When it comes to sports betting, I’m not a whale. Let’s get that out of the way. But I ain’t a dwarf pygmy goby either (look it up). I’m a solid guppy in the sports betting waters.
But even as a guppy, it’s entirely possible I could’ve found myself in the position Connor Allen found himself in a few weeks back.
It was around 10:45 a.m. the day before the NBA draft, and Allen, a football analyst for 4for4 Football, started hearing whispers the Chicago Bulls were going to go off the board with their No. 4 pick and select Patrick Williams of Florida State. At the time of these whispers, Williams was +3000 to be the No. 4 pick on DraftKings.
“I figured at 30/1, it’s worth a shot,” Allen said. “So I put down $250, which would’ve profited $7,500.”
Except he didn’t get $250 down. DraftKings accepted $29.50 of the wager, and said the rest had to be approved. Again, we’re not talking whale stuff here.
Allen said it took about 15 minutes for the decision to come back, time in which his money was tied up. And when the decision came? He was nixed, and the odds dropped to +800, eventually closing at +200, and yes, the whispers about Williams were proven true.
Questions — and inconsistencies — abound
Allen was annoyed, but not surprised, as some of his other non-whale three-digit bets had gotten held up like this in the past. But what really got him? The next day, Allen saw a tweet of a screenshot from a bettor who got $950 down on Williams — paying out more than $29K — that was accepted moments before he attempted to place his bet.
We all know these things happen. Odds change and such, timing is everything. But what really got Allen was the partial acceptance. Why not the whole thing? Who’s in charge of limits? What’s his limit? Is his limit different from the guy who got down $950 without the bet being sent to the traders? Is he a perceived “sharp”? Does it matter?
The answer he got from DK — which he tweeted out — was less than satisfactory: “We understand any frustrations. All wagers must be approved before final submissions on all user accounts. This is the time when our traders will review this for acceptance. In the future, we would suggest trying to lower the amount wagered.”
Read that last bit again, and tell me if this is an industry that seems ready to be leaning into the “the customer is always right” portion of the program.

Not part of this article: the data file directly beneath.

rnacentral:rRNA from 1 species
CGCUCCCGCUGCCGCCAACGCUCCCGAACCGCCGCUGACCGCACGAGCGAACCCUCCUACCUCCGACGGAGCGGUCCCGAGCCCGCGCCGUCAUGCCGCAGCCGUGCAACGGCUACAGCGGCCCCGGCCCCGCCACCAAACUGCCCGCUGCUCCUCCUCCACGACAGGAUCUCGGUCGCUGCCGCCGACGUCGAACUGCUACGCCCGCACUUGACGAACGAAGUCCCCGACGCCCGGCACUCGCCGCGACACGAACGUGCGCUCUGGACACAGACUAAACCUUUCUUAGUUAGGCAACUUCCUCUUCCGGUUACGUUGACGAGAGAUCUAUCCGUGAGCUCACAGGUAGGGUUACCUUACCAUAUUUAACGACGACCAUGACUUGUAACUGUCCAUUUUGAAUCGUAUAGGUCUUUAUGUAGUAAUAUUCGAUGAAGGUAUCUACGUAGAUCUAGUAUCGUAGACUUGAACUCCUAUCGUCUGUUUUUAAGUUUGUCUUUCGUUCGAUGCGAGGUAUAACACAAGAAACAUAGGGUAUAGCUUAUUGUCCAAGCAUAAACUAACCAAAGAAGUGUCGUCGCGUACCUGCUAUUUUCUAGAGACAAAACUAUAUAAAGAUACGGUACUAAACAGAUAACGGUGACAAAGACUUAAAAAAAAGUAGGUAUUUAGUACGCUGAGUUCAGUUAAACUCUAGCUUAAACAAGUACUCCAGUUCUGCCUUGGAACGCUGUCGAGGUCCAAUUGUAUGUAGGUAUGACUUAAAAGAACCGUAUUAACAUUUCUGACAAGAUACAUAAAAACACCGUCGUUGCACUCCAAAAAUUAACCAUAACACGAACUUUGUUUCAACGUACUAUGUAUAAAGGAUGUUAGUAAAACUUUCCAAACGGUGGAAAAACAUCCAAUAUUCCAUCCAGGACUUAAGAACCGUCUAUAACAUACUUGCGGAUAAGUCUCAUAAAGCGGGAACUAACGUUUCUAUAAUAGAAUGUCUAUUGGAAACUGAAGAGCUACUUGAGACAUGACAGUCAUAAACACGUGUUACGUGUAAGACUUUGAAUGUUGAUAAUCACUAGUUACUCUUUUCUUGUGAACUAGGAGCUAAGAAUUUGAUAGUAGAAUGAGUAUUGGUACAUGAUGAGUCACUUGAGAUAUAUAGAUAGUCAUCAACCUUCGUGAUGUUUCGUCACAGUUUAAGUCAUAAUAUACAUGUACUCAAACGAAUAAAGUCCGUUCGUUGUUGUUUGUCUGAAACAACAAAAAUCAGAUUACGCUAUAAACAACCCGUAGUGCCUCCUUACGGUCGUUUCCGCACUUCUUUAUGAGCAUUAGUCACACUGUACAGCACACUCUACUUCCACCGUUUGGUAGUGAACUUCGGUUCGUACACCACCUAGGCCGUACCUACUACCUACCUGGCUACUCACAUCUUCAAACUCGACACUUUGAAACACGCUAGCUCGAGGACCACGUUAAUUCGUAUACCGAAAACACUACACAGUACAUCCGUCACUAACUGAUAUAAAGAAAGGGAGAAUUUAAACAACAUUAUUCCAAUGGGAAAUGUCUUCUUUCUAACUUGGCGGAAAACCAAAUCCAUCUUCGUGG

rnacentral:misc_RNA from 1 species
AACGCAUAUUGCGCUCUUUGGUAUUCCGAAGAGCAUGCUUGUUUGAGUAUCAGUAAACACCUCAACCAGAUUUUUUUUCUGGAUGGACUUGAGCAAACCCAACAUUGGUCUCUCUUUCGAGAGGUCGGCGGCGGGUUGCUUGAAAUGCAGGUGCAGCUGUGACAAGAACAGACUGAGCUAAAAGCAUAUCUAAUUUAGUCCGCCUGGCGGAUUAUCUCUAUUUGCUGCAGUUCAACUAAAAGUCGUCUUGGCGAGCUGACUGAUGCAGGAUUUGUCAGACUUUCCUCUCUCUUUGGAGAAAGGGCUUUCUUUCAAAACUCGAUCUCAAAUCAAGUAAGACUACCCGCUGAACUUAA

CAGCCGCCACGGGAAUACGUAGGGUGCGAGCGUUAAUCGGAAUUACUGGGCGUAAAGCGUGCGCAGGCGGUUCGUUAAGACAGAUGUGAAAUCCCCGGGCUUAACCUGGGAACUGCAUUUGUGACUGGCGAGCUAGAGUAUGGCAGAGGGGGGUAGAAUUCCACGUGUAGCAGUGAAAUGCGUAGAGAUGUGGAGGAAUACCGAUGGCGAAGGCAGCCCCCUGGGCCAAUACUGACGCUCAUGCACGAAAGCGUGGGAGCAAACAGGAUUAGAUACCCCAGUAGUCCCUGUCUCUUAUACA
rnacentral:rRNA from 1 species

I get it, I really do. Sportsbooks are a business, they can’t be handing out money, but come on: Telling your customers to bet less money is nonsense, especially when your own house rules allow for bets up to $20,000 on bets such as these props. (The house rules also say “DraftKings reserves the right to limit the maximum bet amount on any bet …”)
In this case, DK — and virtually every other sportsbook — is attempting to have its cake, eat it too, and smush the leftovers in our faces. Look hard enough or get the right customer service rep, and you can find the limits on sportsbooks. Try to place a bet they don’t like — or, in some cases, be a sharp, real or perceived — and those limits are limited to ridiculousness.
Running into limits
“I hear you, and I agree, it feels somewhat un-American to not let everyone bet the same amount,” said Adam Levitan, the co-founder of EstablishTheRun.com, a DFS site that also doubles as a place for Levitan to write about his player prop bets. “This guy can bet $10,000 because we have him marked as an unsophisticated player and this guy can only bet $30 because we have him marked as a successful sports bettor.”
In fact, Levitan has already run up against this in his home state of Pennsylvania. He has found little to no problem getting wagers down with FanDuel or DraftKings, but BetRivers won’t let him get down more than $100 on NFL sides early in the week.
And while Levitan does see the other side — “they’re running a private business where they have a right to refuse anybody” — it doesn’t make it any less annoying.
Hence, my modest proposal: Sportsbooks should be very clear with each individual bettor as to what their limits are. Kind of like a menu. Clearly, the books have this information. Clearly, they are not forthright with it.